Hospital-acquired hyperkalemia events in older patients are mostly due to avoidable, multifactorial, adverse drug reactions.
Clin Pharmacol Ther. 2018 Sep 22;:
Authors: Robert L, Ficheur G, Décaudin B, Gellens J, Luyckx M, Perichon R, Gautier S, Puisieux F, Chazard E, Beuscart JB
Drug-induced hyperkalemia is a frequent and severe complication in hospital setting. Other risk factors may also induce hyperkalemia but the combination of drugs and precipitating factors has not been extensively studied. The aim was to identify drug-induced hyperkalemia events in hospitalized older patients and to describe their combinations with precipitating factors. Two experts analyzed independently retrospective data of patients aged 75 years or more. Experts identified 471 hyperkalemia events and concluded that 379 (80.5%) were induced by drugs. The cause was multifactorial (i.e. at least one drug with a precipitating factor) in 300 (79.2%) of the 379 drug-induced hyperkalemia. Most of the drug-induced hyperkalemia events were avoidable (79.9%) - mainly because of the multifactorial cause (e.g. dosage adaptation during acute kidney injury). Drug-induced hyperkalemia events are frequently combined with precipitating factors in hospitalized older patients and their prevention should focus on these combinations. This article is protected by copyright. All rights reserved.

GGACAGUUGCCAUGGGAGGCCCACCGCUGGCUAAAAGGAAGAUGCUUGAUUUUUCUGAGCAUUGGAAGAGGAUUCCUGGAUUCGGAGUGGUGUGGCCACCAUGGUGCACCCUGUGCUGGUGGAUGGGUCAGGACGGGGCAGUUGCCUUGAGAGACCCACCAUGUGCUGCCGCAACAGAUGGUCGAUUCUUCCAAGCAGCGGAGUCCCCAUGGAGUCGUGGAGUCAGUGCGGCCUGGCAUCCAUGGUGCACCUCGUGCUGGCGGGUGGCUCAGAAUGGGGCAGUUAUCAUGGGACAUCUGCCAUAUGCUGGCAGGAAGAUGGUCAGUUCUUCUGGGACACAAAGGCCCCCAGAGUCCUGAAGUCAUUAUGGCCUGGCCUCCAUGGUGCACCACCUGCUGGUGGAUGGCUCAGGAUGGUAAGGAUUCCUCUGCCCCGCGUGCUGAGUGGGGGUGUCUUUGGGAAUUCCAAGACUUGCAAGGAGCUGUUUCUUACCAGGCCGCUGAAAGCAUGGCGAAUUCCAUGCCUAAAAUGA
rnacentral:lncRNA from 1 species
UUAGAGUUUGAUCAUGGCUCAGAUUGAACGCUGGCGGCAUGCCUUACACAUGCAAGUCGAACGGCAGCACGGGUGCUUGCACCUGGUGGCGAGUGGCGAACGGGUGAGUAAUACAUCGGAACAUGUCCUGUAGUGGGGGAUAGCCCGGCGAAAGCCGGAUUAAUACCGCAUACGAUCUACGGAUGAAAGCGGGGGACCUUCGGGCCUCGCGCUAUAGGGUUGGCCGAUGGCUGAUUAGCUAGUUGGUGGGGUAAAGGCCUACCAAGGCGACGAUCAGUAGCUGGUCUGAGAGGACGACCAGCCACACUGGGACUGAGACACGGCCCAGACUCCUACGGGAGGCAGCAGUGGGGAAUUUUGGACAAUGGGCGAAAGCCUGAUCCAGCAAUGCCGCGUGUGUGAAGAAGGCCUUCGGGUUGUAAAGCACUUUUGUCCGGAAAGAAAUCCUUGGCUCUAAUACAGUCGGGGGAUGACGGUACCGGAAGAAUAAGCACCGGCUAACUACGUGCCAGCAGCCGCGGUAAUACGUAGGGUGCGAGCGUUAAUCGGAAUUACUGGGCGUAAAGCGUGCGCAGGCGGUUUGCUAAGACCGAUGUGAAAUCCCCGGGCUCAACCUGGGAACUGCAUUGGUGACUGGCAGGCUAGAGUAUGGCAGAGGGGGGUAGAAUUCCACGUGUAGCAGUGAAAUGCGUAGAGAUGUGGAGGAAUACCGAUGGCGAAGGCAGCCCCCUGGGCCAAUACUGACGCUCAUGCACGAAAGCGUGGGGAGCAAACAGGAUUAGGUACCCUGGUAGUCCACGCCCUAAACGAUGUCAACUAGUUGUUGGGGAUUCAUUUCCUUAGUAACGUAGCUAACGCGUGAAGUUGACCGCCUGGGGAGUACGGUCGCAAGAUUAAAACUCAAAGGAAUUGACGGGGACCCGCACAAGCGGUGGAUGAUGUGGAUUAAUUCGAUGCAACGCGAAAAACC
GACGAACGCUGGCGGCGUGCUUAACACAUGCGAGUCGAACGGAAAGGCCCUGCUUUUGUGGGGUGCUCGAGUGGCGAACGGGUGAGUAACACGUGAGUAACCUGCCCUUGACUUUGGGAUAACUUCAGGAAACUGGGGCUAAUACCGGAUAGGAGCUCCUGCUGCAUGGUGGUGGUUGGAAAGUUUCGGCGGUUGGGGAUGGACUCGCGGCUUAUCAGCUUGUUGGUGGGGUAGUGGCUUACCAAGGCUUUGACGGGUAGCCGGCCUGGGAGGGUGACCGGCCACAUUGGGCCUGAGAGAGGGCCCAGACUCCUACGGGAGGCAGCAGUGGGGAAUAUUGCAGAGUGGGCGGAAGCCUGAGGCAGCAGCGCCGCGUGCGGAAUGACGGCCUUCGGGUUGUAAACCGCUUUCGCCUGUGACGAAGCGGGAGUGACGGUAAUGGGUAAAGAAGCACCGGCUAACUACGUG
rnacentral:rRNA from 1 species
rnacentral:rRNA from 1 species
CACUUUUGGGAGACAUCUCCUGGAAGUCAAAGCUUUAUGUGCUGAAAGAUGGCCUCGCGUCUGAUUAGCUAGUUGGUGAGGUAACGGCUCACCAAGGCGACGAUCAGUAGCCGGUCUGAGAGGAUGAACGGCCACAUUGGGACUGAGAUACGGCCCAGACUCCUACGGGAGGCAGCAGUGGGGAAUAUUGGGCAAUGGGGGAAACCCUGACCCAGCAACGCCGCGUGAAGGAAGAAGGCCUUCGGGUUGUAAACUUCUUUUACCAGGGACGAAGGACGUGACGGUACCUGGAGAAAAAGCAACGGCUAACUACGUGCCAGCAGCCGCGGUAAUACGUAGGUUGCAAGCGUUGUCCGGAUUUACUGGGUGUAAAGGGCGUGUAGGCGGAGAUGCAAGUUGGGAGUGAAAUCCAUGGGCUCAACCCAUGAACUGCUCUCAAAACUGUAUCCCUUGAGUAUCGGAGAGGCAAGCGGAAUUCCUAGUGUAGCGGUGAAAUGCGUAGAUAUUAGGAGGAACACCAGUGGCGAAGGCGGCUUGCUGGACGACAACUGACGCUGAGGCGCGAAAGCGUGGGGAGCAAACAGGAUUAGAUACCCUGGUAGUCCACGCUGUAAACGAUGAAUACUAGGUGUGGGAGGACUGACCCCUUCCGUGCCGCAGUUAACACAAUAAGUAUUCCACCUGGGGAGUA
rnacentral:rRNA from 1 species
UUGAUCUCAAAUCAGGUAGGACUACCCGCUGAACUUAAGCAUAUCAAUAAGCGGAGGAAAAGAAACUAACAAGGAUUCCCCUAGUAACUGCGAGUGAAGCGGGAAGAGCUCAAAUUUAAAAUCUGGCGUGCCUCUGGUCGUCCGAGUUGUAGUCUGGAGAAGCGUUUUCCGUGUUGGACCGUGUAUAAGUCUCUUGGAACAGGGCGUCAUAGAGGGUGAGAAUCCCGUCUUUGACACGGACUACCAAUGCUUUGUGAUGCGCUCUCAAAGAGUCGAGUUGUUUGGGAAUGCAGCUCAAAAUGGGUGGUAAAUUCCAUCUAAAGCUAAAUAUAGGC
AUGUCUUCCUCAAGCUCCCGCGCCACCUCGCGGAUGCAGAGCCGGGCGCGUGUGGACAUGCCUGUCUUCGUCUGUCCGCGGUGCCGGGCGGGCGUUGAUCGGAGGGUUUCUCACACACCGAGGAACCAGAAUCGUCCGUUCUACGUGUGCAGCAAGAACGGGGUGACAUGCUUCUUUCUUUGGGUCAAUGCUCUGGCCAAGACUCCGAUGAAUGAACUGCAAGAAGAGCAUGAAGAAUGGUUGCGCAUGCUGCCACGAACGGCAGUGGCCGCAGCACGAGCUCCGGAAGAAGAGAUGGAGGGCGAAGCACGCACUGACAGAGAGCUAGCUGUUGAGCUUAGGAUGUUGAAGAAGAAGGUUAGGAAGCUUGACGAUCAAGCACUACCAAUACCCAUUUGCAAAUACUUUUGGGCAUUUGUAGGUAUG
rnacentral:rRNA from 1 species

PMID: 30242829 [PubMed - as supplied by publisher]